Refreshing and cool, this tangy, tart Rhubarb Orange Slushie is a great hot weather beverage that both adults and kids will line up for. Rhubarb and orange flavours are very complimentary and the honey adds just enough sweetness. To preserve some of the pucker from the rhubard, which I enjoy, I used only a little honey but adjust it based on your taste. These are so easy to make and there is no end to experimenting with different fruit combinations. Homemade slushies are delicious and colourful concoctions to add to your parties and celebrations.
It’s all about sipping this month at The Recipe Redux and I can’t wait to check out all the healthy cocktails and mocktails from the other members. See the link at the bottom of this post for ideas to try!
Rhubarb Orange Slushie
2 cups chopped fresh or frozen rhubarb
1/2 cup water
2 tablespoons honey
2 small oranges (I used mandarin oranges)
12 ice cubes
Directions: Add rhubarb and water to medium saucepan and heat over medium heat until rhubarb is soft and tender. Add honey, taste for sweetness and adjust if necessary. Let cool.
Add oranges and cooled rhubarb to blender and process until smooth. Add 12 ice cubes and process until ice is slushy. Serve immediately.
Each serving has approximately 65 calories, 12 grams of sugar.
This recipe started out as a dip. It was so popular and well liked it turned into a main mix for a few different Mexican style dishes. It has evolved a little over the years, but always starts with the same foundation. It is a very versatile mix that can go a lot of different ways depending on what you have on hand, what ingredients are in season or what your preferences are. We use it for tacos, quesadillas, enchiladas, and as an ever popular dip for parties and potlucks. This recipe definitely has increased our use of black beans.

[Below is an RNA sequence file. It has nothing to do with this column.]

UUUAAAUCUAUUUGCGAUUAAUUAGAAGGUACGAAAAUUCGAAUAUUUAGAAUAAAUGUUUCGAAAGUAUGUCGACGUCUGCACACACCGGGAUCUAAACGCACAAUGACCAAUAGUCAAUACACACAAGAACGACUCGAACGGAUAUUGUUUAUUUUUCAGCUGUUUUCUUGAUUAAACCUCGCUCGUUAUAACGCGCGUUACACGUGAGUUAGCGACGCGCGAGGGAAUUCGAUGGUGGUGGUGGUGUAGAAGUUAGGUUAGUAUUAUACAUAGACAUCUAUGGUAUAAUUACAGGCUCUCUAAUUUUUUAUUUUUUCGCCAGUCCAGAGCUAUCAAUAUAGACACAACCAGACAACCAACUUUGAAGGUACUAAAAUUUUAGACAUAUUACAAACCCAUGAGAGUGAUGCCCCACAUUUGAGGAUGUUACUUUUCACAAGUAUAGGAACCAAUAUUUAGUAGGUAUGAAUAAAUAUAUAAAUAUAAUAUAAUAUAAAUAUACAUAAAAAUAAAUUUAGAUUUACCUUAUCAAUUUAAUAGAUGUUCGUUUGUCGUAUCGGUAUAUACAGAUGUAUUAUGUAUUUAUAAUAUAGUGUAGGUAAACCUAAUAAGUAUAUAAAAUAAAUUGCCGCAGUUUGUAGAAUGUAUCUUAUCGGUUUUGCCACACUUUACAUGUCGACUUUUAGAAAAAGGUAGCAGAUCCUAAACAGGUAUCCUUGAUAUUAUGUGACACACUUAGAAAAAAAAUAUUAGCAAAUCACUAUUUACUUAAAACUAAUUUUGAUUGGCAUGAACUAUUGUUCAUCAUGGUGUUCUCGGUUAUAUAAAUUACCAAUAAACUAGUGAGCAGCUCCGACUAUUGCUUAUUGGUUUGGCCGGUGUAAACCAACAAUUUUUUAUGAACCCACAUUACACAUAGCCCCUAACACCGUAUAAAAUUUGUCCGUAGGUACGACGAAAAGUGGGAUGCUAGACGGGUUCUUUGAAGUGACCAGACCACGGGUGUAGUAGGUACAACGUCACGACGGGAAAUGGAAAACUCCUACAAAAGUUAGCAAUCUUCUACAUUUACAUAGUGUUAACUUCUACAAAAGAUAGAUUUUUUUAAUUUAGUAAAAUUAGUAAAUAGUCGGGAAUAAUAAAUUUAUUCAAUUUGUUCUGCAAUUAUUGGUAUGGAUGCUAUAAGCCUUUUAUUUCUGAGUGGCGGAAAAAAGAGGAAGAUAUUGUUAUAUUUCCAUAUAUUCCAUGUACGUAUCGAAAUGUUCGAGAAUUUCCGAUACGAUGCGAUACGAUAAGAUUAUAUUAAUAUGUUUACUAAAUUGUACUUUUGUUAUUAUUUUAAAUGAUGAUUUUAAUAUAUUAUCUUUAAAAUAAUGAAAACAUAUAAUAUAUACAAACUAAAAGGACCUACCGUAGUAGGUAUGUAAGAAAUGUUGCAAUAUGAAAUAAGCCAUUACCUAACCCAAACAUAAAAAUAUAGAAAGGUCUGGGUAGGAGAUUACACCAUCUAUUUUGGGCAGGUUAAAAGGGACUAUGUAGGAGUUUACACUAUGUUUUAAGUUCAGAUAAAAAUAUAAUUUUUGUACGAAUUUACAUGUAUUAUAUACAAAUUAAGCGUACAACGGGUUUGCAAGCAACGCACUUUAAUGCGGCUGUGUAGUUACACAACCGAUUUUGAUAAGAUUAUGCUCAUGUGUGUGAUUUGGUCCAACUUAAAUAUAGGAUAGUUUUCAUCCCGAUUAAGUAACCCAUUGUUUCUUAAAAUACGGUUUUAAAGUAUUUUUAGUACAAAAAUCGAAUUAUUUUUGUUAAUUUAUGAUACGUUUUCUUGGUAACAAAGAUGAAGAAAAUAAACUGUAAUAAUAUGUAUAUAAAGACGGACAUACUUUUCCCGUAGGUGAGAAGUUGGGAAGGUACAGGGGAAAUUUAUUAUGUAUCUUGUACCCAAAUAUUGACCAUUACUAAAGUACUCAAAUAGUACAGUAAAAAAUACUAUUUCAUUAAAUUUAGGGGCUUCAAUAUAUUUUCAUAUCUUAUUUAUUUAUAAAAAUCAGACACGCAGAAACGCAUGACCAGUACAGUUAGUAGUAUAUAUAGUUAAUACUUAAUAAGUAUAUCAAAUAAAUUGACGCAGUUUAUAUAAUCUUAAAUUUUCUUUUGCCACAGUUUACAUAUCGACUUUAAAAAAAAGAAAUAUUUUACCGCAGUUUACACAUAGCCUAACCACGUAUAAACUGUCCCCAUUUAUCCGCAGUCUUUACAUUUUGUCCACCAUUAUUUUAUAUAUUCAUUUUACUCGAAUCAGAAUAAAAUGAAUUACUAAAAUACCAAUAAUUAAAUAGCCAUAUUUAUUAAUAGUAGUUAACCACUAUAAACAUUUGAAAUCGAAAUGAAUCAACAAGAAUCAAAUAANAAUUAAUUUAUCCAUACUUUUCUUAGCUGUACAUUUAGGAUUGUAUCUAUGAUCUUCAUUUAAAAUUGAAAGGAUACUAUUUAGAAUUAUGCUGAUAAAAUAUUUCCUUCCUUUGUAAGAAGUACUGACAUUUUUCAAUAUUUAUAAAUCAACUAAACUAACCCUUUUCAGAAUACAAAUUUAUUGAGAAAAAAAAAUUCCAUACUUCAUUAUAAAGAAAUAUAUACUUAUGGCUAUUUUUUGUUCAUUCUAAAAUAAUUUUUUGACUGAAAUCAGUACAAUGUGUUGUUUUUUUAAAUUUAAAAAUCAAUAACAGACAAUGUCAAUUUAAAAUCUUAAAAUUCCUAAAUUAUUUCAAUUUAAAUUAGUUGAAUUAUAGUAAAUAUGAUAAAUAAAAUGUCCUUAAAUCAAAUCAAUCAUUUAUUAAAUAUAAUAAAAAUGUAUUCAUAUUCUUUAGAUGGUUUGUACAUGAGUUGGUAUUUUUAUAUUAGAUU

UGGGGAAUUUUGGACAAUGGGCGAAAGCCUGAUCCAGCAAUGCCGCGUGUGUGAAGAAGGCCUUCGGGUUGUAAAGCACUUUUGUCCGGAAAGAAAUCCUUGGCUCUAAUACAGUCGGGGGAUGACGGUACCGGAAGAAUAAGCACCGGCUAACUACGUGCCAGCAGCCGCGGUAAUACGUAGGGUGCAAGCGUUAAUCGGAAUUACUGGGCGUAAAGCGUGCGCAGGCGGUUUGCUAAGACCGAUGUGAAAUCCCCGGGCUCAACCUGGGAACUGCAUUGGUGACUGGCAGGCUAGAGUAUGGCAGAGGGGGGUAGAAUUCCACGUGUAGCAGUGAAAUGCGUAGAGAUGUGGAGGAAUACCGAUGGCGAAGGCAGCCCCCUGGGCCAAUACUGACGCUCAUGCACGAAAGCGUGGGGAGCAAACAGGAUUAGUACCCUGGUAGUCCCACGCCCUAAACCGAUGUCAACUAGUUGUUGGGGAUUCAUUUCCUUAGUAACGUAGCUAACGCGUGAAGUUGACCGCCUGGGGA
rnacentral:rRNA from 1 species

Black beans and all legumes are nutrition powerhouses. They are a good source or protein, iron, and other nutrients and a very good source of fibre and folate. In addition black beans (along with other pulses) provide exceptional support for blood sugar balance and blood sugar regulation due to their protein plus fibre combination. Although all beans and lentils are very healthy, there are unique properties to black beans. Current research is showing they may have particular benefits in preventing colon cancer as they support a very helpful bacteria in the lower colon. Here are a couple more recipes using black beans. Dark Chocolate Peanut Butter Brownies (with black beans) and Roasted Corn, Black Bean and Ancient Grains Salad.
If you need taco inspiration, you have come to the right place. This month Recipe Redux challenge is to make a taco that is healthy and creative. Look for the link at the bottom of the post to take you to all the wonderful ideas from the members of The Recipe Redux team. You can probably make a different recipe for Taco Tuesday for at least a year! I’m looking forward to checking them out.
This recipe is very easy, quick, healthy, and creative. It takes only about 15 minutes to prepare. It doubles well to make extra to freeze for another day. Simply defrost in the fridge, reheat and serve. For another easy pulse based taco filling see my very popular recipe for Lentil Tacos.
Black Bean, Corn and Red Pepper Tacos
1 tablespoon olive oil
1 cup onion, diced
2 cloves garlic, minced
1/4 tsp chipotle powder or 1/2 tsp chili powder
1 1/2 tsp paprika
1 1/2 tsp cumin
3/4 cup strained pureed tomatoes
1 3/4 cup cooked (or canned) black beans
1 cup corn (fresh or frozen)
1/4 cup cilantro, chopped
Toppings such as chopped avocado, grated cheese (or vegan cheese), chopped tomato, lettuce, salsa, lime wedges
Directions: Add olive oil to medium saucepan and heat over medium heat. Add onion and garlic and cook for a few minutes. Add spices and heat until they are fragrant (a few more minutes). Add tomato, black beans and corn. Cook until filling is heated through (about 10 minutes). Top with freshly chopped cilantro and serve.
While taco filling is cooking prepare taco shells. Heat oven to 350 degrees. Place taco shells on cookie sheet and heat for about 5 minutes. Remove from oven and serve.
Being an active family that loves the outdoors, I am pretty excited to be going to the show and also super excited that I can offer you a chance to win a family pass! I have 2 family passes to give away!! Enter by leaving a comment on the bottom of this post.
What I love about this show is the chance to get a ton of information in one place. As a family we haven’t been camping that long and this is a chance to check out all kinds of gear. Besides the gear, I am looking forward to learning about destinations to fill us with ideas for future adventures and get us excited about planning that next trip.